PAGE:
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Near Fort Pierre, South Dakota, an important discovery occurred on February 16, 1913. Fort Pierre was an important area during the 1800s as it was located on the Missouri River. Fort Pierre is the birthplace of deceased rodeo star and legend Casey Tibbs. However, Fort Pierre has additional historical notoriety. On February 16, 1913, a plate was discovered that had been left behind by the French-Canadian brothers Francois and Louis De La Verendrye; they left the plate there to claim the region for France. Three friends, Hattie Foster, George O'Reilly, and Ethel Parrish were merely playing when they uprooted the significant plate. Once uprooted, it was tossed aside until the youngsters quit playing. They initially thought they would scrap it for the money. Luckily, word traveled quickly, and the importance of the find became evident.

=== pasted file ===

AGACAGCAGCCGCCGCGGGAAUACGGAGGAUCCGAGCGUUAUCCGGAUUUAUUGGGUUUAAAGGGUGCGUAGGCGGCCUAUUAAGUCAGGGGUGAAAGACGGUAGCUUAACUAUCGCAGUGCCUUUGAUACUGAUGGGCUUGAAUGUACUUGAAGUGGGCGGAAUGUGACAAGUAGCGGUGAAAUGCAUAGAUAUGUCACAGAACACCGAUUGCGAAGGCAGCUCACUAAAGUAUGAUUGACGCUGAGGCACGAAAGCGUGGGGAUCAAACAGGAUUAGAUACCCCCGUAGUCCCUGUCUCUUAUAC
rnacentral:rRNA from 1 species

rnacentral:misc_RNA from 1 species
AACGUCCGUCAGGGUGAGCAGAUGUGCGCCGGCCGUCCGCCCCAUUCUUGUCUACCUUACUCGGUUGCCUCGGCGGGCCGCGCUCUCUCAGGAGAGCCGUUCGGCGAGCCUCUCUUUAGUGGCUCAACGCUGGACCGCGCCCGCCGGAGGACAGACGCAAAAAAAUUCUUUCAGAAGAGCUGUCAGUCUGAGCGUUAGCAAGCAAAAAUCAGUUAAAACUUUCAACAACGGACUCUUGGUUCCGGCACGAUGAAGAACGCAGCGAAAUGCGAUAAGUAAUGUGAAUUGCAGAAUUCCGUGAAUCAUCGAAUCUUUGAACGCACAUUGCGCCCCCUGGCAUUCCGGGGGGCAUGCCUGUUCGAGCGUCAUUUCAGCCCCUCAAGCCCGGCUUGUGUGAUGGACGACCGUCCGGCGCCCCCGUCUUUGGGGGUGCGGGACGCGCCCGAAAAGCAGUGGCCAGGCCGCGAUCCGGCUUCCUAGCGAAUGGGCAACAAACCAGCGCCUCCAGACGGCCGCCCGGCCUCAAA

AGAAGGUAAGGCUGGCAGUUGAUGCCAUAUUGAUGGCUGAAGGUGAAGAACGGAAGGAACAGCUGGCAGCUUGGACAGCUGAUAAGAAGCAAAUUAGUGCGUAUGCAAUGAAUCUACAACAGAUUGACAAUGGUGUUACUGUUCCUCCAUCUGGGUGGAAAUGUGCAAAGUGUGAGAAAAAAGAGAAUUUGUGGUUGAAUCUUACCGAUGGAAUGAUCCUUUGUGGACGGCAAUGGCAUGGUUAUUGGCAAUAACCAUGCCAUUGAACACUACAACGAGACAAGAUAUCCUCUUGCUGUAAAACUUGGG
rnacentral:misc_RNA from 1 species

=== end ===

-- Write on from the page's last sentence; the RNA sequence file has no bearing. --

This monument commemorates the discovery of the plate and its significance to national history.

This monument commemorates the discovery of the plate and its significance to national history.
The Verendrye brothers were trying to find a way to the Pacific Ocean. They had left Manitoba, Canada in 1742. It was known and accepted at the time that they had visited Montana in an attempt to claim the land for the French. People did not realize that their explorations had taken them as far south as the plate indicated. 

Later historians and writers then began examining the Verendrye travels, and controversy ensued. Some historians argue that, in fact, the expedition did not actually make it to Montana. However, all do agree that they did not find the Northwest Passage, which was later discovered by the Lewis and Clark Expedition.
Dowlin, Genie Philbrick. "French Canadian Brothers are Believed To Have Visited Montana in 1742." Billings Gazette, September 26, 1954: 31.

Hunhoff, Bernie. "Verendrye Plate." South Dakota Magazine. March/April 1989.

"Verendrye Plate." City of Fort Pierre. Accessed November 30, 2013.

Photo: South Dakota Historical Society